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Public Sector equality duty

Equality -logo -FinalThe Public Sector Equality Duty creates a legal duty under the Equality Act 2017 on specific public authorities to prevent discrimination, harassment or victimisation by considering the effect of their policies or decisions on people who are protected by the Act. This is in addition to their duty not to discriminate against you.

The duty aims to make sure public authorities think about things like discrimination and the needs of people who are disadvantaged or suffer inequality when they make decisions about how they provide their services and implement policies.

The public authorities subject to this duty includes:

  • Government Departments
  • Statutory Boards, such as Manx Utilities Authority and Isle of Man Post Office
  • Local Authorities
  • Chief Constable
  • Manx Museum and National Trust
  • Public Service Commission
  • Attorney General’s Chambers and
  • General Registry

A person who is not a public authority but carries out a public function is also subject to the duty, so this includes those organisations who undertake government contracts, for example building contractors undertaking work on behalf of the Government. It also applies to any person exercising public functions

The PSED applies in respect of all the protected characteristics, except that the duties to advance equality and foster good relations do not apply to marriage or civil partnership. Otherwise, it applies to all of the protected characteristics, including age, and so will promote and protect children’s rights whatever their characteristics.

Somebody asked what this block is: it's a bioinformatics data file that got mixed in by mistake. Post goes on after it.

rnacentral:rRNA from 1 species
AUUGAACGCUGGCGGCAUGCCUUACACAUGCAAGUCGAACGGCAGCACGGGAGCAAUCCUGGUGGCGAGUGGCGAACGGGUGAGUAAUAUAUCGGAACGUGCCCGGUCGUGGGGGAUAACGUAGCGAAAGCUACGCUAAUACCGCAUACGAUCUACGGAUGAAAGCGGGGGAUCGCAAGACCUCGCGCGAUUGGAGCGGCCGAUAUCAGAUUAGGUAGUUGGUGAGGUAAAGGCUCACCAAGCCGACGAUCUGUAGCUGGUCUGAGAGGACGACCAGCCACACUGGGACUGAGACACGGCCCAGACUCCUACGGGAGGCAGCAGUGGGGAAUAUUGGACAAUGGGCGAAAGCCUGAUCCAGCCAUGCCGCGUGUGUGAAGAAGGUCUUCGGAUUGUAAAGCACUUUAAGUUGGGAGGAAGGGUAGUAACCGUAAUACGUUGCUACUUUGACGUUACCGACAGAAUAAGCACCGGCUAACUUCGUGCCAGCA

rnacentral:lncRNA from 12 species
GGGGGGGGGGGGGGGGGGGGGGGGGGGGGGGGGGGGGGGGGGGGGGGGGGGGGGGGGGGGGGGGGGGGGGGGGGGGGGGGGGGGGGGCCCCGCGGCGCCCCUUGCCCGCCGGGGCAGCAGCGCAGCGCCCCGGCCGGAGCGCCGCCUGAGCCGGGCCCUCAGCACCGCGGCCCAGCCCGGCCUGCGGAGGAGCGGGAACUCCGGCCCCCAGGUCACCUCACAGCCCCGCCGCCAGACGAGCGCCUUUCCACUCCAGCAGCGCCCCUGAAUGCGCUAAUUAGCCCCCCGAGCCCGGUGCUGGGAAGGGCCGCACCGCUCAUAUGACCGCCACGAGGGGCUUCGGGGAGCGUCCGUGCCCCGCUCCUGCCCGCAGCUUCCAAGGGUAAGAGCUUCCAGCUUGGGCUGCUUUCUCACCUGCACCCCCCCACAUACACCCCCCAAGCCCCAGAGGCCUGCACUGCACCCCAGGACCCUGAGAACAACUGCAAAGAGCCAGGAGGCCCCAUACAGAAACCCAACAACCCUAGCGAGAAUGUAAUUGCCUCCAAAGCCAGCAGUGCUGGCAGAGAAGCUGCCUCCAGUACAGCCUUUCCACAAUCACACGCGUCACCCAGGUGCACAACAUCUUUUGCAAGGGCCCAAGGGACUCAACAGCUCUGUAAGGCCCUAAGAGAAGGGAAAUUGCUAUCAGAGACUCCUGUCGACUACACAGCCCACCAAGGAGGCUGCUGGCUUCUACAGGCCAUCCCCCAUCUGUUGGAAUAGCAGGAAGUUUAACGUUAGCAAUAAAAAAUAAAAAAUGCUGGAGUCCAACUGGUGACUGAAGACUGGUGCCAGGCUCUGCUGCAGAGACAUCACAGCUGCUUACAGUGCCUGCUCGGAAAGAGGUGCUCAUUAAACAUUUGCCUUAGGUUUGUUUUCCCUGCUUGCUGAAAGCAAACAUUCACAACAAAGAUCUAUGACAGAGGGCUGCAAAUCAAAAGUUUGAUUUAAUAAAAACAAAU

When making decisions and exercising its functions, a public authority must have due regard to the need to:

  • Eliminate unlawful discrimination, harassment and victimisation
  • Advance equality of opportunity between people who share a protected characteristic and those who don’t and
  • Foster good relations between people who share a protected characteristic and those who don’t

Having due regard means public authorities must consciously consider or think about the need to do these three things in the duty. If a public authority hasn’t properly considered its public sector equality duty, you can challenge that decision in the High Court with a petition of doleance. Applying the duty must be done using robust evidence, such as data and/or consultation.

An effective method of demonstrating compliance with the duty is to undertake an Equality Impact Assessment (EIA) to assess how policies and decisions of a public authority are likely to affect, or have affected people with different protected characteristics, looking for ways to promote equality and to remove negative aspects or institutional discrimination.

There is no legal requirement to publish an EIA but you could request a public authority to evidence compliance with the public sector equality duty by asking the public authority to provide this or failing this, by submitting a Freedom of Information request.

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